S Group. The families with children who stuttered were referred to the SWT clinic due to a suspected fluency disorder. Each of the children who stuttered received a standard speech, language, and hearing screening presented by faculty and/or graduate students supervised by certified speech- language pathologists. All the target children in the S group did not exhibit additional speech, language, or hearing problems.

NS Group. The lead researcher screened the target children in the families with children who did not stutter to rule out speech, language, and hearing problems. Each child had his/her hearing screened at an intensity of 20 dB HL for the frequencies of 1000, 2000, and 4000 Hz. The clinician initiated a brief, informal conversation with the child to screen speech and language. The child passed the speech and language screening if responses were judged to be age-appropriate in the areas of pragmatics, receptive and expressive language, and articulation. As in the S group, the parents were asked about their child’s speech, language, and hearing functions in addition to the screening procedures.

Recording Procedures. As each family entered the clinical setting, they were asked to sit together to accommodate videotaping for adequate video and audio recordings of each participant. Typically, each family sat on a sofa, but they were not instructed where to sit relative to one another. The testing procedures did not differ for the S group and the NS group. The clinician provided the families with the following instructions before the initiation of the negotiation session:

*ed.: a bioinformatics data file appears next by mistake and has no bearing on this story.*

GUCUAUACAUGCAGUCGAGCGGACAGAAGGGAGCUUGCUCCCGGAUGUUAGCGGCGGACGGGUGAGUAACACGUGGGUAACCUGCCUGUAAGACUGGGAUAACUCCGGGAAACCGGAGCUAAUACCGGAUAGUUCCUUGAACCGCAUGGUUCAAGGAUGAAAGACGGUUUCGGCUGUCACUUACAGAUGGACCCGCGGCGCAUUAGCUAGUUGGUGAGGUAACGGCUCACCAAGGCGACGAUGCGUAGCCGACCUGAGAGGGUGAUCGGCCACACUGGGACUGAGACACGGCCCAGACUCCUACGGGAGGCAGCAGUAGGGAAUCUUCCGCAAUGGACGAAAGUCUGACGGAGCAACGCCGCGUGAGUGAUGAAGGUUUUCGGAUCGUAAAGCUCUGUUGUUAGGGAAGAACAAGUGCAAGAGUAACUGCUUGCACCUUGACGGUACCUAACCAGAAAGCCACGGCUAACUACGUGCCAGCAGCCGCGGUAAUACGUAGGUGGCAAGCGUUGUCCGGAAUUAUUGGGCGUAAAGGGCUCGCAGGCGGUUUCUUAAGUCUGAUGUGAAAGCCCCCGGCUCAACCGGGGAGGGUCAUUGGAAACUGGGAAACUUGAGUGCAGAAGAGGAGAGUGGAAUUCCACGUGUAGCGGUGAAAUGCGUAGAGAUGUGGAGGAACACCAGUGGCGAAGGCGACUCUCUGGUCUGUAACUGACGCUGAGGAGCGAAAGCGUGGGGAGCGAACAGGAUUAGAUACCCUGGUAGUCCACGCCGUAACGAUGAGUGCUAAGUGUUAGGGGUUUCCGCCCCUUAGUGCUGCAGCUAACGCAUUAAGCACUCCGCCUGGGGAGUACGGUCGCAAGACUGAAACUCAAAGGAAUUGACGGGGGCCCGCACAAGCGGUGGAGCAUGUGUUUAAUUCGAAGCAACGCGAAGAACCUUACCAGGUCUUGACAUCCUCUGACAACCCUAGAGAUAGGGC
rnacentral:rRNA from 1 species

When I start the videotape, I will introduce your family by last name and today’s date. Then, I will give you a topic to discuss. Whenever you have finished discussing, I will stop the videotape.

A camcorder [JVC Compact Super VHS camcorder (GR-SX960U)] with a zoom lens and built-in microphone was positioned two meters from the family at a height of 1.5 meters. The clinician stood behind or to the side of the camcorder during the interactions. The prompt used for the family negotiation was: